Freedom Riders will be screened Tuesday, Nov. 18, from 4-8 p.m. at UALR’s Stella Boyle-Smith Concert Hall. A community discussion led by UALR History Department professor John A. Kirk, Ph.D., will follow.
Attracting a diverse group of volunteers—black and white, young and old, male and female, secular and religious, northern and southern—the Freedom Rides of 1961 took the civil rights struggle out of the courtroom and onto the streets of the Jim Crow South. Freedom Riders tells the terrifying, moving, and suspenseful story of a time when white and black volunteers riding a bus into the Deep South risked being jailed, beaten, or killed, as white local and state authorities ignored or encouraged violent attacks.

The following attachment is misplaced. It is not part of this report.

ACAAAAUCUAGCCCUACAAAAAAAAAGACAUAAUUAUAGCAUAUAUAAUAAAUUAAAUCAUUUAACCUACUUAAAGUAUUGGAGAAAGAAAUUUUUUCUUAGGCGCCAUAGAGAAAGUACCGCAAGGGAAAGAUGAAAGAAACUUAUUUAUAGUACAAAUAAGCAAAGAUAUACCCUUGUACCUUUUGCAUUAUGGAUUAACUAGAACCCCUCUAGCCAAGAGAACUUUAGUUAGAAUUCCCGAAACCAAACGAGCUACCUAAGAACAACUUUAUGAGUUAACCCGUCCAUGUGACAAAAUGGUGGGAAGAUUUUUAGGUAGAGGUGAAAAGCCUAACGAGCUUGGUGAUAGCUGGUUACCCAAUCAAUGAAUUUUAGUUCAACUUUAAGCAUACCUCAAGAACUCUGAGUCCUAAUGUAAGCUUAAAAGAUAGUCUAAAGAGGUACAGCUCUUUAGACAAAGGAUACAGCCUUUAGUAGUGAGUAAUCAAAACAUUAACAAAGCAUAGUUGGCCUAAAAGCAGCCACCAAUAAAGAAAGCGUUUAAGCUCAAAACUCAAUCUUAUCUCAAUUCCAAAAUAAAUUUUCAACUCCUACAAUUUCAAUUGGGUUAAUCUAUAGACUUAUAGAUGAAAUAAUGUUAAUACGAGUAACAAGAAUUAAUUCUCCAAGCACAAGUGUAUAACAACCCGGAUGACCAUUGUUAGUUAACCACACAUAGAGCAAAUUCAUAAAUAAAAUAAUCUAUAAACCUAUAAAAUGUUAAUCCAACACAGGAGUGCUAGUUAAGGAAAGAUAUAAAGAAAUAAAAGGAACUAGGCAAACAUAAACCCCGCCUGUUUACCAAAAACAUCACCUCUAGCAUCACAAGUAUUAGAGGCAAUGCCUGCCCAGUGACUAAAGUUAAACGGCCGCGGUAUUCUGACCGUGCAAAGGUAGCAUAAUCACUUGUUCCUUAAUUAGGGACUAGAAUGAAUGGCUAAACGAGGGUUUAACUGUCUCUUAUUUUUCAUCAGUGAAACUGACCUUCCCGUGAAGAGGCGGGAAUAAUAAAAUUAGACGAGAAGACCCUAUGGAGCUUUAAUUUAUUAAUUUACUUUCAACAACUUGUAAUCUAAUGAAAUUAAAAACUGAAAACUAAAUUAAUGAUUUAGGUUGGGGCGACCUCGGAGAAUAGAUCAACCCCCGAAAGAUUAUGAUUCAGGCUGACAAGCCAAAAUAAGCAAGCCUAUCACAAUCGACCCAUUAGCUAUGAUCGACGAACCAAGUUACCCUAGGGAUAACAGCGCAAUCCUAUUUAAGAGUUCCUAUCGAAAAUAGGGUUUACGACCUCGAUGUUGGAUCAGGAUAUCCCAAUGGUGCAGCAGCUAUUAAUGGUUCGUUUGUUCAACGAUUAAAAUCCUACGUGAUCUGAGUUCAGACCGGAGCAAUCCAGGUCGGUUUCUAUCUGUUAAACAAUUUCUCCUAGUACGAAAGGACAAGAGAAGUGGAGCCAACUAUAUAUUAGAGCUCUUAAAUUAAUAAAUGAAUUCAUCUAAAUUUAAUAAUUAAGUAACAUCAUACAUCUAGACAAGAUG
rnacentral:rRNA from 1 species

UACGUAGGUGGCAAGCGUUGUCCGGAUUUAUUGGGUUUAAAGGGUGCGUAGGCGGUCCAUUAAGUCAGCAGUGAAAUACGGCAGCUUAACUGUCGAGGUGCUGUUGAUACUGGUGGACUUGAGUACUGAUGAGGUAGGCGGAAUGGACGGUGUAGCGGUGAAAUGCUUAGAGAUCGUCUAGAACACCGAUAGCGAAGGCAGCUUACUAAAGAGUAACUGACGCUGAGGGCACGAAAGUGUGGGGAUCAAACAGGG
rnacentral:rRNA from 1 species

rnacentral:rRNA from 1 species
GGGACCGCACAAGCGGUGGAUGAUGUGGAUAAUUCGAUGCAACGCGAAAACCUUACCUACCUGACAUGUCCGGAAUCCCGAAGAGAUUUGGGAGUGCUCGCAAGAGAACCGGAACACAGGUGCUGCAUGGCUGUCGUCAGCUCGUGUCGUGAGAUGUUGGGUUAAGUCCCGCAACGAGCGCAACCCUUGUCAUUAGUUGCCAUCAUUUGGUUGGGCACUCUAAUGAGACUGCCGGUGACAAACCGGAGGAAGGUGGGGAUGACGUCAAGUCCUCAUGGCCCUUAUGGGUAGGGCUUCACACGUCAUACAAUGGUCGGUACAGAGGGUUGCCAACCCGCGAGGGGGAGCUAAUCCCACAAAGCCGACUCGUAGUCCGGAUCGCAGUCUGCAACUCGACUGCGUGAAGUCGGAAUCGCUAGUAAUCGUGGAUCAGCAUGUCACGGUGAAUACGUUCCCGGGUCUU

The film includes previously unseen amateur 8mm footage of the burning bus on which some Freedom Riders were temporarily trapped, taken by a local twelve-year-old and held as evidence since 1961 by the FBI.
RSVP NOW to see Freedom Riders and the other films featured in the Created Equal: America’s Civil Rights Struggle Film Series.
The Created Equal: America’s Civil Rights Struggle film series is made possible through a grant from the National Endowment for the Humanities, as part of its Bridging Cultures initiative, in partnership with The Gilder Lehrman Institute of American History and presented by the UALR Center for Arkansas History and Culture.